The menaces accumulated against rapt, had above all the goal of preventing unequal matches, to put a brake on the disorder that daily relations between persons of different sex, & of disproportionate condition, could introduce into families, a servant who seduces the daughter of his master, & ravishes her honor, in hopes that to restore it, it must cede him its fortune; a girl of inferior status or of mature age, who abuses her charms or her diversions to capture the inflamed imagination of a young man, & make him contract dishonorable bonds, these are the guilty practices the law proscribes.
The ouctome of the case is not indicated. But it is worth noting that simply being branded was considered a dishonor.
But young people, whose age, rank, means, are roughly equal, when they surrender to an inclination that brings them together, must be put in an entirely different class. Loave, as was said a long time ago, is in this case, the only seducer.
Linguet, Annales Politiques, Civiles et Litteraires du Dix-Huitieme Siecle, T. 4 1778 (502-512)
- AN INCESTUOUS SEDUCTION?
The following item from Marc-Rene d'Argenson, the Paris Lieutenant of Police, is frustratingly incomplete. It would be useful to know if a later editor added the heading 'INCEST', or if this was the exact term meant by the original. It is hard to imagine how a father could be held guilty of rapt - which often implied an opposition to parental authority. A parent could be condemned as an accomplice if they facilitated the abduction or other rapt of their daughter, but the text seems to imply an actual sexual relationship. Could the term be used here - very exceptionally - as a synonym for forcible rape? Otherwise, this passage is interesting for the remarks on 'contraband convents' and the liberty they allowed. (Reading between the lines, it appears that the daughter too risked a judgement and had requested instead to be sent to a convent.)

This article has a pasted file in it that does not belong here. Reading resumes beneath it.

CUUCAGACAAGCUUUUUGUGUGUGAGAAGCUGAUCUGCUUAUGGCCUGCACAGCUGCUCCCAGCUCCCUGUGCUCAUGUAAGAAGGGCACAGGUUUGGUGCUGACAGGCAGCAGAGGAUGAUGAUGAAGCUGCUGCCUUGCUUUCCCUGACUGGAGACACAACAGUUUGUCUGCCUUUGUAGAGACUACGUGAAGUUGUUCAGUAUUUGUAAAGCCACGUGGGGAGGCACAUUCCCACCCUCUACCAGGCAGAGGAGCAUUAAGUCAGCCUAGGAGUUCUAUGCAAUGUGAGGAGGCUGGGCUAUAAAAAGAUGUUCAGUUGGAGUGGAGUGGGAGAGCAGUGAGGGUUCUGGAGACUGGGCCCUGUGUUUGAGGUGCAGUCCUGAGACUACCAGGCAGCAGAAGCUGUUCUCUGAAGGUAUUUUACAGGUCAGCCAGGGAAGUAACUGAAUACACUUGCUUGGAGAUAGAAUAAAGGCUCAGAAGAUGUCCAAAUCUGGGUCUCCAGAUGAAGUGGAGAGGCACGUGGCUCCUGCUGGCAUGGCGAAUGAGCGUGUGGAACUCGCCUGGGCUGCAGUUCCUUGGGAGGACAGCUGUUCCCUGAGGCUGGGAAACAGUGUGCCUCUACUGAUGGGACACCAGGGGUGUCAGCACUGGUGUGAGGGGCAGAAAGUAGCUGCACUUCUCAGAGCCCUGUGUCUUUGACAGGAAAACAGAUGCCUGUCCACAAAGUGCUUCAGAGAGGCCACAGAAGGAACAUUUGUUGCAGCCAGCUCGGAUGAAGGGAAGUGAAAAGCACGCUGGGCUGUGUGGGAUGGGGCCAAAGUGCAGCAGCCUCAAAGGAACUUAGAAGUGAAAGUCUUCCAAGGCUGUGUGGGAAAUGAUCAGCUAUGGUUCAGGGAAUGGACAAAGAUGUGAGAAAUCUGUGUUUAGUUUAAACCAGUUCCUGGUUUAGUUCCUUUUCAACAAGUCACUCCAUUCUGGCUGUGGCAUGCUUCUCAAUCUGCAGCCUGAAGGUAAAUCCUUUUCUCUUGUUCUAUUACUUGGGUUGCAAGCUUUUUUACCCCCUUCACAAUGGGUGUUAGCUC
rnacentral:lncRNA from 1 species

INCEST - July 25, 1701 - There is proof, in the trial of Desmarats, musician, convicted of the rapt of his daughter and condemned to death in absentia, that she aided his crime and that she participated in it in more than one way: besides it is nearly impossible that she satisfy the condition which she proposes in her request, since no regularly run convent would want to take her in hand and that is would be less problematic to put her under her family's supervision, than to put her in one of these contraband convents where one can go out at all hours and which properly speaking are only seminaries of debauchery.
Rapports de Police de Rene d'Argenson (59-60)
- SCORING POINTS
During a celebrated (and colorful) trial between the Marshal de Richelieu and Mme. de St. Vincent (she claimed he owed her money, he accused her of fraud), her relations tried at one point to accuse him of rape (rapt) as part of the complicated legal maneouvers around that case. "This request," says Linguet, 'was honored by a long list of names which gave it, in the eyes of the public, a weight which the form of this jurisprudence did not support." In the flurry of decisions that resulted from the case (in 1777), this charge was dismissed as unfounded. Linguet, Annales, T. 1, 1777 (187-189)
From CHEZ JIM Books:|
An EIGHTEENTH CENTURY VEGETARIAN COOKBOOK:
APRES MOI LE DESSERT - VOLUME II
and a history of the CROISSANT:
AUGUST ZANG AND THE FRENCH CROISSANT
18th CENTURY RECIPE: Ices ("neiges" or snows)
The postmodern world often overreaches itself dreaming up new mixtures, and ends up with, say, artichoke ice cream.
Deborah Jowitt, "Mix It Up - Does Leather Go With Lace? Why Not?" Village Voice June 21 - 27, 2000.